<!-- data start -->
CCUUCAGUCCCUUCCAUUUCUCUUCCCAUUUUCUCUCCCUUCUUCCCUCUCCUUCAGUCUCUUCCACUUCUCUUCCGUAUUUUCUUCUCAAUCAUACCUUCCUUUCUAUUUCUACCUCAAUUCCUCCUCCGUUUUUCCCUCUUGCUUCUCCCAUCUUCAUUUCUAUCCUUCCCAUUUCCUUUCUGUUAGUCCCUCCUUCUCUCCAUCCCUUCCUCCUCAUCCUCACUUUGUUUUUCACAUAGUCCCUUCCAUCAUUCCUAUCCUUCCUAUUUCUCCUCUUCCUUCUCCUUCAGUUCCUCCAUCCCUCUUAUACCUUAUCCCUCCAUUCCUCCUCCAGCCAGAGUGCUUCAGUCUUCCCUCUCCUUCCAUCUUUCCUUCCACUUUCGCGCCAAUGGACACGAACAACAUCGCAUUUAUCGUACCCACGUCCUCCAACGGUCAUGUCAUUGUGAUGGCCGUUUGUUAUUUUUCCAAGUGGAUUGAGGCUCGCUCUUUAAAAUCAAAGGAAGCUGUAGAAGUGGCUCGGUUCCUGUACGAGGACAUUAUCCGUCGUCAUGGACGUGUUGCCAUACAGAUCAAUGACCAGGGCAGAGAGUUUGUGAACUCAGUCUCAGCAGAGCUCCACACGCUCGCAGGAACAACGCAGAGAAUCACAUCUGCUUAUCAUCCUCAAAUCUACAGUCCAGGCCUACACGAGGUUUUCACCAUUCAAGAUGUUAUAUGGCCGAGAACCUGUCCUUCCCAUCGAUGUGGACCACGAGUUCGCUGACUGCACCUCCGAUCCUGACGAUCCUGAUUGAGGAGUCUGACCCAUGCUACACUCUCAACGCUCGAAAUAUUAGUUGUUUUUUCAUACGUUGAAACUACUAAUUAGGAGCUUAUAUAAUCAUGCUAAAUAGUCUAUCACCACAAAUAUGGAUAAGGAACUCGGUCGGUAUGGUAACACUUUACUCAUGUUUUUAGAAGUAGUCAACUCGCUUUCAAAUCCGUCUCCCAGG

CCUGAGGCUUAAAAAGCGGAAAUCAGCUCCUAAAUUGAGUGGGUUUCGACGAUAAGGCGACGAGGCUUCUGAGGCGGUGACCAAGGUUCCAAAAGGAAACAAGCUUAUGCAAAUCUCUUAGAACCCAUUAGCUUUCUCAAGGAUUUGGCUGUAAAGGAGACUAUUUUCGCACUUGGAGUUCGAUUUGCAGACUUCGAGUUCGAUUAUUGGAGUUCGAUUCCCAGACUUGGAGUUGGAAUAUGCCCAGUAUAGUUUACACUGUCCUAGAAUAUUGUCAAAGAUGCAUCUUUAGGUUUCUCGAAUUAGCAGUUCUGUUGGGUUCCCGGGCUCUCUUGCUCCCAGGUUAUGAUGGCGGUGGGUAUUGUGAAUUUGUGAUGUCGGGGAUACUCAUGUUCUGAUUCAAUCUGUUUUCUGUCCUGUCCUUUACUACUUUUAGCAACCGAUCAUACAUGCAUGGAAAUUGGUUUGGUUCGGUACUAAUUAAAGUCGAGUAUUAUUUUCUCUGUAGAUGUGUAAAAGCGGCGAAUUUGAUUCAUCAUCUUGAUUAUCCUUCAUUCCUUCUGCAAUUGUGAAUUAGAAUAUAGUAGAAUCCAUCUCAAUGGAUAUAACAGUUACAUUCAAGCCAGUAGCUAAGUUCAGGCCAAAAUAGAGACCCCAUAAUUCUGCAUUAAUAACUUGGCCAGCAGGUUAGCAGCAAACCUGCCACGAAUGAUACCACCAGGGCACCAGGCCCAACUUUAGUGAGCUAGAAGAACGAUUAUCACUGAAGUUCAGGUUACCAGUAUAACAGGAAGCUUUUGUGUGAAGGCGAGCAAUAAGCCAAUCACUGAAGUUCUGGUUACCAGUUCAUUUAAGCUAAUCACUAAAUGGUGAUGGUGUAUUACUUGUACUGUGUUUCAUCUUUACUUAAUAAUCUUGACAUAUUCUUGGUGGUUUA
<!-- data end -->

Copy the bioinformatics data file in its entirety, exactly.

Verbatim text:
CCUUCAGUCCCUUCCAUUUCUCUUCCCAUUUUCUCUCCCUUCUUCCCUCUCCUUCAGUCUCUUCCACUUCUCUUCCGUAUUUUCUUCUCAAUCAUACCUUCCUUUCUAUUUCUACCUCAAUUCCUCCUCCGUUUUUCCCUCUUGCUUCUCCCAUCUUCAUUUCUAUCCUUCCCAUUUCCUUUCUGUUAGUCCCUCCUUCUCUCCAUCCCUUCCUCCUCAUCCUCACUUUGUUUUUCACAUAGUCCCUUCCAUCAUUCCUAUCCUUCCUAUUUCUCCUCUUCCUUCUCCUUCAGUUCCUCCAUCCCUCUUAUACCUUAUCCCUCCAUUCCUCCUCCAGCCAGAGUGCUUCAGUCUUCCCUCUCCUUCCAUCUUUCCUUCCACUUUCGCGCCAAUGGACACGAACAACAUCGCAUUUAUCGUACCCACGUCCUCCAACGGUCAUGUCAUUGUGAUGGCCGUUUGUUAUUUUUCCAAGUGGAUUGAGGCUCGCUCUUUAAAAUCAAAGGAAGCUGUAGAAGUGGCUCGGUUCCUGUACGAGGACAUUAUCCGUCGUCAUGGACGUGUUGCCAUACAGAUCAAUGACCAGGGCAGAGAGUUUGUGAACUCAGUCUCAGCAGAGCUCCACACGCUCGCAGGAACAACGCAGAGAAUCACAUCUGCUUAUCAUCCUCAAAUCUACAGUCCAGGCCUACACGAGGUUUUCACCAUUCAAGAUGUUAUAUGGCCGAGAACCUGUCCUUCCCAUCGAUGUGGACCACGAGUUCGCUGACUGCACCUCCGAUCCUGACGAUCCUGAUUGAGGAGUCUGACCCAUGCUACACUCUCAACGCUCGAAAUAUUAGUUGUUUUUUCAUACGUUGAAACUACUAAUUAGGAGCUUAUAUAAUCAUGCUAAAUAGUCUAUCACCACAAAUAUGGAUAAGGAACUCGGUCGGUAUGGUAACACUUUACUCAUGUUUUUAGAAGUAGUCAACUCGCUUUCAAAUCCGUCUCCCAGG

CCUGAGGCUUAAAAAGCGGAAAUCAGCUCCUAAAUUGAGUGGGUUUCGACGAUAAGGCGACGAGGCUUCUGAGGCGGUGACCAAGGUUCCAAAAGGAAACAAGCUUAUGCAAAUCUCUUAGAACCCAUUAGCUUUCUCAAGGAUUUGGCUGUAAAGGAGACUAUUUUCGCACUUGGAGUUCGAUUUGCAGACUUCGAGUUCGAUUAUUGGAGUUCGAUUCCCAGACUUGGAGUUGGAAUAUGCCCAGUAUAGUUUACACUGUCCUAGAAUAUUGUCAAAGAUGCAUCUUUAGGUUUCUCGAAUUAGCAGUUCUGUUGGGUUCCCGGGCUCUCUUGCUCCCAGGUUAUGAUGGCGGUGGGUAUUGUGAAUUUGUGAUGUCGGGGAUACUCAUGUUCUGAUUCAAUCUGUUUUCUGUCCUGUCCUUUACUACUUUUAGCAACCGAUCAUACAUGCAUGGAAAUUGGUUUGGUUCGGUACUAAUUAAAGUCGAGUAUUAUUUUCUCUGUAGAUGUGUAAAAGCGGCGAAUUUGAUUCAUCAUCUUGAUUAUCCUUCAUUCCUUCUGCAAUUGUGAAUUAGAAUAUAGUAGAAUCCAUCUCAAUGGAUAUAACAGUUACAUUCAAGCCAGUAGCUAAGUUCAGGCCAAAAUAGAGACCCCAUAAUUCUGCAUUAAUAACUUGGCCAGCAGGUUAGCAGCAAACCUGCCACGAAUGAUACCACCAGGGCACCAGGCCCAACUUUAGUGAGCUAGAAGAACGAUUAUCACUGAAGUUCAGGUUACCAGUAUAACAGGAAGCUUUUGUGUGAAGGCGAGCAAUAAGCCAAUCACUGAAGUUCUGGUUACCAGUUCAUUUAAGCUAAUCACUAAAUGGUGAUGGUGUAUUACUUGUACUGUGUUUCAUCUUUACUUAAUAAUCUUGACAUAUUCUUGGUGGUUUA